The weekly stock report from NU’s 34-31 overtime win over Nebraska:
Nagel had a career day against Nebraska and was the main weapon Clayton Thorson relied on. He caught 12-of-14 targets for 220 yards with 2 touchdowns, including a career-long 61-yard touchdown in the fourth quarter to make it a one-score game. He also averaged 18.3 yards per catch and had a career high in both yards and touchdowns. Nagel carried the offense, especially down the stretch with a 32-yard reception, which put Northwestern deep in Nebraska territory and ultimately set up the game-tying touchdown.
“That was a feeling I don’t think I’ve ever had playing football. It just felt different,” Nagel said after the game. “The trust when playing was just ecstatic.”
The struggling Northwestern offensive line finally found its rhythm today against Nebraska, only allowing two sacks and giving Clayton Thorson enough time to complete some big plays. Thorson’s successes, for the first time all season, were possible because of the work of the offensive line. While the line was able to protect Thorson, Nebraska only rushed three lineman and dropped back eight, relieving a lot of the pressure and giving the offensive lineman an easier job.
“Tommy and Nick did a great job of moving the pocket. I think that’s huge, especially when you throw it 64 times. You’ve gotta be able to move the pocket and not allow the defense to get a rush on us,” Thorson said. “It is a pleasure working with them.”
Late game composure
Unlike past games this season, Northwestern kept composure down the stretch during its fourth quarter game-tying drive and in overtime. With two minutes remaining, Northwestern started on its own 1-yard line and drove 99 yards to tie the game with JJ Jefferson’s 5-yard touchdown reception. In overtime, Northwestern’s defense came up with a big stop, and a once-struggling Drew Luckenbaugh hit a 37-yard game-winning field goal.
“The guys were resilient and found a way to make some huge plays down the stretch in all three phases,” Fitz said. “Obviously, Clayton’s performance, Flynn’s receptions that’s just absolutely spectacular. A 99 and a half yard drive, no time outs to get us into overtime, you know I think that was a huge accomplishment.”
Honorable Mentions: Clayton Thorson, Trae Williams, Earnest Brown IV, Blake Gallagher, JR Pace, Chris Bergin, Samdup Miller, Drew Luckenbaugh, Chad Hanaoka, lack of penalties.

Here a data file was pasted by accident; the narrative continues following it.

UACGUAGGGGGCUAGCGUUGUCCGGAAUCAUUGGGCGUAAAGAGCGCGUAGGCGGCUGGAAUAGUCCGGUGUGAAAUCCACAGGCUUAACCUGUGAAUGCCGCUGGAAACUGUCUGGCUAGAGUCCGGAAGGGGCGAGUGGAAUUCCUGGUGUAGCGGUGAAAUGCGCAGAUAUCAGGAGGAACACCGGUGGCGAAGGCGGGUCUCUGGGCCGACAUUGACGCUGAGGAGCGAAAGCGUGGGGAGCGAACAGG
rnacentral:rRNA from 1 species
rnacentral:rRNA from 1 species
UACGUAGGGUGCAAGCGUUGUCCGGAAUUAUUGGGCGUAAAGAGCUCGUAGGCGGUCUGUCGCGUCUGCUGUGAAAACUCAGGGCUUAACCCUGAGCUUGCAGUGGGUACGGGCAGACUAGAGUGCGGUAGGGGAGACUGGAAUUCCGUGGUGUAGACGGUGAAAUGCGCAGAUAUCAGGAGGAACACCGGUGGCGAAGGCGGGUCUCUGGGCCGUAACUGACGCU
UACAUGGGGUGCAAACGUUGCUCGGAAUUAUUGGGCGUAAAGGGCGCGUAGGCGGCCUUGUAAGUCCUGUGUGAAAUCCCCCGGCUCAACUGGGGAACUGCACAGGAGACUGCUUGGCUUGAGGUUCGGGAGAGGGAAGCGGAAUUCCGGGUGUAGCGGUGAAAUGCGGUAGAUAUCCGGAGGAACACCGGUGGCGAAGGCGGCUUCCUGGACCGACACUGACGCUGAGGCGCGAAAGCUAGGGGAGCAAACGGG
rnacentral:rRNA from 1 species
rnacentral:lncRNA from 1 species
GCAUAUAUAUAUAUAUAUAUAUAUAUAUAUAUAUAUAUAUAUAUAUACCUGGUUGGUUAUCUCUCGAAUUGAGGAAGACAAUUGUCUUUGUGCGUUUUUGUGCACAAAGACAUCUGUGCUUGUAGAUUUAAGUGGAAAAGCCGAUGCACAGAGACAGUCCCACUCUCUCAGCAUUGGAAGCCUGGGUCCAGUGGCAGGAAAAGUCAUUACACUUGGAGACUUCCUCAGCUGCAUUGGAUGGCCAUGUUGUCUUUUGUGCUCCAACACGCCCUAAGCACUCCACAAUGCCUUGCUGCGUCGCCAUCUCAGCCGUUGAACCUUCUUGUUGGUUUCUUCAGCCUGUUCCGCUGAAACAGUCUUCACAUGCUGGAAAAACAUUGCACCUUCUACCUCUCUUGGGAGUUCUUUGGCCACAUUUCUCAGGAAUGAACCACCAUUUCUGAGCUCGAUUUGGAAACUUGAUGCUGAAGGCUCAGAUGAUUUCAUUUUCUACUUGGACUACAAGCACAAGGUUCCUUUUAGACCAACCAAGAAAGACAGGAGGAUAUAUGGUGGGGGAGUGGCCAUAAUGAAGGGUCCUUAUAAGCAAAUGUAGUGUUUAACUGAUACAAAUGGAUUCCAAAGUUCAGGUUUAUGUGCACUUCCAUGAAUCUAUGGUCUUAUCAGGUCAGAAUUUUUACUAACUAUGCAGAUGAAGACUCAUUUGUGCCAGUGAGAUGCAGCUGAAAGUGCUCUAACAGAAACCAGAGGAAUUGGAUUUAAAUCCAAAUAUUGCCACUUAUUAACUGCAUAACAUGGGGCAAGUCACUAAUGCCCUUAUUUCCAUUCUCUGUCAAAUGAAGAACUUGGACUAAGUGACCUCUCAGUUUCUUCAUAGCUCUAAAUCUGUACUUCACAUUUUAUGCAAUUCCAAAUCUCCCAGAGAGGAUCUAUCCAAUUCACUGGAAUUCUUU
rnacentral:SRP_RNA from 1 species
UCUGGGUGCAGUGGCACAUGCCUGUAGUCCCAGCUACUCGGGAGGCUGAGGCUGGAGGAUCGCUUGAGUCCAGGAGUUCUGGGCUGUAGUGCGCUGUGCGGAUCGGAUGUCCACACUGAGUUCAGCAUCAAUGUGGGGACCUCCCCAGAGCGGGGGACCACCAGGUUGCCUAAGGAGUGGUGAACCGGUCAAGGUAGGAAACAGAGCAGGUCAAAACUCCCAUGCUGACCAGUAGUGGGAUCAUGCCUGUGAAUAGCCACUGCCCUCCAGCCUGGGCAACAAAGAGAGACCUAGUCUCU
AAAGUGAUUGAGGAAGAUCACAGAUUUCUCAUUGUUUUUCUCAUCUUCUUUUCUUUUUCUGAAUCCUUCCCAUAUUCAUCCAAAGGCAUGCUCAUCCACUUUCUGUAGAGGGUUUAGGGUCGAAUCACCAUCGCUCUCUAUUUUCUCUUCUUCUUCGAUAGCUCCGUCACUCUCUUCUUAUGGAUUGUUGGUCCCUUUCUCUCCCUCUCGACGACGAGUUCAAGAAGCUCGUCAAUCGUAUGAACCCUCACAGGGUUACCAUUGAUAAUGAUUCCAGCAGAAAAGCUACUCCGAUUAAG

Northwestern’s defense was good at times, but it was an overall dissappointing performance against Nebraska, especially when defending the run game. NU’s defense had no answer for the combination of Adrian Martinez and Devine Ozigbo. Martinez was 25-of-35 for 251 yards with one touchdown, two interceptions and a fumble. Ozigbo rushed 22 attempts for 159 yards and two touchdowns, averaging 7.2 yards per carry. Additionally, he had four receptions for 33 yards. Northwestern had no answer for either player.
“Five of our first six games our defense has been lights out,” Fitz said. “You know we didn’t have our tackling pads on today.”
While overall Northwestern’s run defense has had a good season, the defense struggled against the Cornhuskers.
The run game is barely an option for Northwestern anymore, which has started to completely rely on Thorson’s arm for any offensive production. Northwestern’s 23 rushes for 32 yards were no match for Nebraska’s 231-yard performance. John Moten IV and Solomon Vault split the snaps, but after Moten went down with an apparent thigh injury in the third quarter and was deemed done for the day, Northwestern stopped using the run game altogether. NU’s performance made the 109th-ranked Nebraska run defense look impressive.
“It hasn’t really been our recipe around here,” Fitz said. “You’ve gotta adapt, and that’s where we’re at, and we are not going to stop working our tails off.
Play calling (mostly)
The depleted run game takes away half of the playbook for Northwestern. Since Nebraska only had to rush three to contain NU’s run game, they were better prepared in terms of defending the deep ball. While Northwestern only uses its run game sparingly, its choice to consistently run the ball on 2nd and 10 set up too many third and longs. As a result, NU’s average third down distance was 6.9 yards, and NU converted 44 percent of its third downs. Down the stretch, Fitz and Mick McCall did make a handful of gutsy (and successful) play calls, though.
Honorable mentions: John Moten IV’s leg, preventing the big play, winning easy, Northwestern fans who left early.